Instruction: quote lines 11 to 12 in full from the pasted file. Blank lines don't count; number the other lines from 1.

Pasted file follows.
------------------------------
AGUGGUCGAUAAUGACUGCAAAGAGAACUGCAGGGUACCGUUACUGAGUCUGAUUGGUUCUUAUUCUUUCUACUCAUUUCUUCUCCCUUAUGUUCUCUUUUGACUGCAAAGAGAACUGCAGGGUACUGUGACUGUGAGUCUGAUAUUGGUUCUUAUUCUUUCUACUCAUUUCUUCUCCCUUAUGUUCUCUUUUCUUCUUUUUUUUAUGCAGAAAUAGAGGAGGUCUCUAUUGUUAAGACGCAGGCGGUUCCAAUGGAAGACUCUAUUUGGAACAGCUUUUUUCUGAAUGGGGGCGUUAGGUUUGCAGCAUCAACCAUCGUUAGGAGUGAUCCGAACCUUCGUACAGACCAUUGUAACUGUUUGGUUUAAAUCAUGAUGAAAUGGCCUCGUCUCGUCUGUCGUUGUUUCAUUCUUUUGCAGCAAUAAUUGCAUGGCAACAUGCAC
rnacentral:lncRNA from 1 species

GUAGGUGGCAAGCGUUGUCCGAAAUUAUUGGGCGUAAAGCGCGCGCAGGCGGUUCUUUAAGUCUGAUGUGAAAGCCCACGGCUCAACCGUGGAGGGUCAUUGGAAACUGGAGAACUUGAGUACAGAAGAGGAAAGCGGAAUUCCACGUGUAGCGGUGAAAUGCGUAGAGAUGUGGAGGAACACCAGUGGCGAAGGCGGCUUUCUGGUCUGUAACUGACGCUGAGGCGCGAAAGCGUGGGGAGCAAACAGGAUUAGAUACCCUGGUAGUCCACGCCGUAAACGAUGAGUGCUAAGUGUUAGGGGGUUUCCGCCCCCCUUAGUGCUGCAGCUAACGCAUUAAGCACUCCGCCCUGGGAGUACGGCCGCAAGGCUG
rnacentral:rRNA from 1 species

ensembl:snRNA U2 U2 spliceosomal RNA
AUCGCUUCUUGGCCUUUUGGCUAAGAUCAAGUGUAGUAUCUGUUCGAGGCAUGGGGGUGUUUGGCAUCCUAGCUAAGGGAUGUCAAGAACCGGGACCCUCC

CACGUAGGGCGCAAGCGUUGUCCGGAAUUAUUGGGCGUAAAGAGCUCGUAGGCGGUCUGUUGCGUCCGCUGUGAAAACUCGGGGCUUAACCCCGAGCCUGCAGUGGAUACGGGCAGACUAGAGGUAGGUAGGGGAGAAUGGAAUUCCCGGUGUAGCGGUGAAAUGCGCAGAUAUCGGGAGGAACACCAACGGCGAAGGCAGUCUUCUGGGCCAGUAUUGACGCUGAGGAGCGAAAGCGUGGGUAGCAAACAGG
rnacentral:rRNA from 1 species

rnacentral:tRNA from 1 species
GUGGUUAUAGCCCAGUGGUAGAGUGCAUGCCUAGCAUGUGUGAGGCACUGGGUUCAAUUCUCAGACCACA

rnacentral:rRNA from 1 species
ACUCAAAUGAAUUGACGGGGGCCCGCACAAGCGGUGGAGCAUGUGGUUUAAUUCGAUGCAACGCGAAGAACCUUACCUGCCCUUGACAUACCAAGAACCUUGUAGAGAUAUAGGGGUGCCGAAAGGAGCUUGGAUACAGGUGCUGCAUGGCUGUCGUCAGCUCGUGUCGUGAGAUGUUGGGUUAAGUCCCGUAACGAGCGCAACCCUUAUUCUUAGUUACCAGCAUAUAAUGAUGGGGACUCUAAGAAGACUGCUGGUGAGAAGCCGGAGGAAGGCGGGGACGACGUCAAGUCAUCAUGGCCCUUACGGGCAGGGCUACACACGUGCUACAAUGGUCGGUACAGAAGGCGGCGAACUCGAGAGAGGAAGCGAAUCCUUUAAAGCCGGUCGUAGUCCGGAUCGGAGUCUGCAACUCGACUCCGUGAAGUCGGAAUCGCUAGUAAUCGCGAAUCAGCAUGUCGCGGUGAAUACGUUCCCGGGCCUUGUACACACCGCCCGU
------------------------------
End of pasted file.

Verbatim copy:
rnacentral:rRNA from 1 species
ACUCAAAUGAAUUGACGGGGGCCCGCACAAGCGGUGGAGCAUGUGGUUUAAUUCGAUGCAACGCGAAGAACCUUACCUGCCCUUGACAUACCAAGAACCUUGUAGAGAUAUAGGGGUGCCGAAAGGAGCUUGGAUACAGGUGCUGCAUGGCUGUCGUCAGCUCGUGUCGUGAGAUGUUGGGUUAAGUCCCGUAACGAGCGCAACCCUUAUUCUUAGUUACCAGCAUAUAAUGAUGGGGACUCUAAGAAGACUGCUGGUGAGAAGCCGGAGGAAGGCGGGGACGACGUCAAGUCAUCAUGGCCCUUACGGGCAGGGCUACACACGUGCUACAAUGGUCGGUACAGAAGGCGGCGAACUCGAGAGAGGAAGCGAAUCCUUUAAAGCCGGUCGUAGUCCGGAUCGGAGUCUGCAACUCGACUCCGUGAAGUCGGAAUCGCUAGUAAUCGCGAAUCAGCAUGUCGCGGUGAAUACGUUCCCGGGCCUUGUACACACCGCCCGU